Sometimes, you don’t want something to be cached anymore. There are typically three good reasons for this. It might have changed, it might be too old, or it might not be used often enough.

Seldomly used entries

Let’s start with removing entries that aren’t used often enough. Why would you want to be stingy about caching data that’s seldomly used? Well, because of space. Put simply, caching is just a way to save data, and some of that data might be pretty large in terms of megabytes. At some point, depending on your system’s configuration, you will run out of space to do this duplicate saving of data. Then, we need to somehow rank our cache entries by usefulness, and how often a cached resource is used is definitely a nice metric for usefulness. So if we’re trying to add a new entry to our cache, we need to remove the least used ones first.

There are several techniques to deciding what’s the least useful entry though – it could be the one that has been looked up the fewest times in a given time interval or the least recently used entry. Which technique you choose is up to you and your specific requirements.

Old entries

Another approach to keep cache sizes in check, while also ensuring that your data is fresh enough, is removing cache entries based on how long they’ve been in the cache. You might want to cache images longer than your user data, since images rarely change, but at some point, you probably want to fetch a new version of the image as well – just in case.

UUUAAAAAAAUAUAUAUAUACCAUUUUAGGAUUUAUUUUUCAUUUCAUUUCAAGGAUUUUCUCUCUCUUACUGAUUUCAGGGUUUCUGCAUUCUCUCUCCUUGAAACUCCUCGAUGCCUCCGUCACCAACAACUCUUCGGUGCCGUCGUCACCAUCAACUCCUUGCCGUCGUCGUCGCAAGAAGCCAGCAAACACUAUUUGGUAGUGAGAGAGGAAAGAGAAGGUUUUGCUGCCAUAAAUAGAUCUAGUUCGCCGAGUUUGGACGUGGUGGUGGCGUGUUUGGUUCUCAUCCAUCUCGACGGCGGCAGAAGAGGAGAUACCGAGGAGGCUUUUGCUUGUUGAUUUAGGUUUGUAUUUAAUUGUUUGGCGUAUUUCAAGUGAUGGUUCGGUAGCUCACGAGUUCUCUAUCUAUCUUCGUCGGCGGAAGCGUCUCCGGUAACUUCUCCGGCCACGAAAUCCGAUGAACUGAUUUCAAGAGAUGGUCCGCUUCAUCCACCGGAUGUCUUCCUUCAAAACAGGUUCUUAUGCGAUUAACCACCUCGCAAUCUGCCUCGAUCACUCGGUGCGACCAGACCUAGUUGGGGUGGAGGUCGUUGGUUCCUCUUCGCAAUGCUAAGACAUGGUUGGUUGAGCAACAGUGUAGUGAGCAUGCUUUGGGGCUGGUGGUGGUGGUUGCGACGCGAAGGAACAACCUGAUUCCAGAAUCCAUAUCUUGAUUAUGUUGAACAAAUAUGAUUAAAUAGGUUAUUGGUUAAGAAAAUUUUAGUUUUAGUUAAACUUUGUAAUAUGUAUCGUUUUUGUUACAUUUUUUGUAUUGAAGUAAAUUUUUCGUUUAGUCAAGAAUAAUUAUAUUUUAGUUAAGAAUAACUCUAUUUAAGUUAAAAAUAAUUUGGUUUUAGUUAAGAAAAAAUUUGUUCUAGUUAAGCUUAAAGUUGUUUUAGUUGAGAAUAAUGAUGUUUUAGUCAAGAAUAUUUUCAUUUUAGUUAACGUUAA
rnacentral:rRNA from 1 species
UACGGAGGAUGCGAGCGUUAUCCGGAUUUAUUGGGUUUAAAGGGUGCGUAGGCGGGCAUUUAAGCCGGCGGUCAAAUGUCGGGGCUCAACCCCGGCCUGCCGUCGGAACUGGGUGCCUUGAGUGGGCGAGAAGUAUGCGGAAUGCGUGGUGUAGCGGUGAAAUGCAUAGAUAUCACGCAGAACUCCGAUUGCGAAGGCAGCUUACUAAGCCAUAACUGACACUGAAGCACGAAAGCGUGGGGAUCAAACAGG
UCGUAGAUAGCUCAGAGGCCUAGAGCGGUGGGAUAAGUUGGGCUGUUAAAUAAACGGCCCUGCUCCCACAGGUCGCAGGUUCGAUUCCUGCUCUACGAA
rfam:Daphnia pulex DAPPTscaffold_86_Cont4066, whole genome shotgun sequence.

If a cached resource is requested, and the cached item is expired, a new version will be fetched instead, and the old entry will be switched out, leaving the cache fresh again.

Cache invalidation

I told you we’d get back to cache invalidation. So what is it, exactly?

Cache invalidation is the art of removing a subset of the cached data from the cache. You typically want to do this if you’re updating the data in the cache, and want your application to go fetch a new version.

Depending on where you’re doing your caching, you’ll have different ways to do this as well. If you’re doing something programmatically (like in JavaScript), you can simply remove the cache entry, and request a new one in the background.


Caching is hard because caching is a lot of different things. You can cache stuff in your application, via HTTP, via service workers, and even in the backend itself. What to do when isn’t readily apparent to many, but hopefully this gave you some sort of idea of how it all works. Finally, we looked at why you would ever want to remove something from the cache, and different ways to do that, too.